May 07, 2018
Area(s) of Interest: Commercial Payors Emergency Services Hospitals and Health Facilities Payor Issues and Reimbursement
Citing the need to address inconsistencies in coding, UnitedHealthcare (UHC) recently altered its Emergency Department (ED) Facility Evaluation and Management (E/M) Coding Policy to include an analysis of the appropriateness of submitted high level facility E/M codes. Utilizing the Optum Emergency Department Claim (EDC) Analyzer tool, UHC will apply an algorithm to determine the UHC calculated visit level for the emergency department E/M services rendered. Facilities whose level 4 (99284, G0383) or level 5 (99285, G0384) codes (for dates of service on or after March 1) are submitted at a higher level than the UHC calculated visit level may experience downcoding of their submitted codes or denials of their claims as submitted. The EDC Analyzer will take into consideration the following factors:
- Presenting problems – as defined by the ICD-10 reason for visit diagnosis
- Diagnostic services performed – based on intensity of the diagnostic workup as measured by the diagnostic CPT codes submitted on the claim (i.e. lab, x-ray, EKG/RT/other diagnostic, CT/MRI/ultrasound)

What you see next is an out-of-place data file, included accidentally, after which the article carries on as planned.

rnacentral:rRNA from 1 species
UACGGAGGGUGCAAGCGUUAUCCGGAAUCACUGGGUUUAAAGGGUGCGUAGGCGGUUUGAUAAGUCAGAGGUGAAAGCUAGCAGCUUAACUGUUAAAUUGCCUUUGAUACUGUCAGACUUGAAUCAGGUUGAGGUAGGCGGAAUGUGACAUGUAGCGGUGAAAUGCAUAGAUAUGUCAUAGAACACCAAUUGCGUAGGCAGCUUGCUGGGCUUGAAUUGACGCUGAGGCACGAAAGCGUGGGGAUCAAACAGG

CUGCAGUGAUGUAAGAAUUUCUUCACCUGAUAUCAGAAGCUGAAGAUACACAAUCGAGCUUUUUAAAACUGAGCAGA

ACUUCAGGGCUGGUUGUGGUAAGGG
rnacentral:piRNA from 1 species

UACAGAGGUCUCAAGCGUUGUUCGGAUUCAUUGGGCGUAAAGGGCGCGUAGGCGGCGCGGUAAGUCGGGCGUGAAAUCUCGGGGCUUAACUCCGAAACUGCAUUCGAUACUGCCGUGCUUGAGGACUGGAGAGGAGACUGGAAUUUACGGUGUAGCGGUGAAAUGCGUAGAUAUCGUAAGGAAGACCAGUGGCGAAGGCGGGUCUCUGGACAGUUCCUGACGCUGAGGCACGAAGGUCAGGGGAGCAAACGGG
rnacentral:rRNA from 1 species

- Patient complexity and co-morbidity – based on complicating conditions as defined by the ICD-10 principal and secondary diagnosis code
Criteria that may exclude facility claims from being subject to an adjustment or denial include:
- Patients who are admitted to inpatient, observation or have an outpatient surgery during the course of the same ED visit
- Critical care patients (99291, 99292
- Patients less than 2 years old
- Claims with certain diagnosis that when treated in the ED most often necessitate greater than average resource usage, such as significant nursing time
- Patients who have expired in the emergency department
- Claims from facilities whose billing of level 4 and 5 E/M codes does not disparately deviate from the EDC Analyzer.
The California Medical Association (CMA) has raised concerns with UHC regarding the altered facility E/M coding policy, citing the potential to alter and reduce compensation of associated emergency room physician services. While UHC has advised that the facility E/M coding policy will only apply to facility services and will have no impact upon physicians, CMA will continue to monitor the situation in the wake of the recently announced Health Net Non-emergent Emergency Room Services policy, which aims to reduce reimbursement for level 4 (CPT 99284) and level 5 (CPT 99285) emergency room services to a level 3 (CPT 99283) contracted rate for services provided to patients who Health Net deems to have a non-emergent diagnosis.
More information regarding this change can be found on the UHCProvider.com website, or providers can contact UHC at (877) 842-3210 for additional information.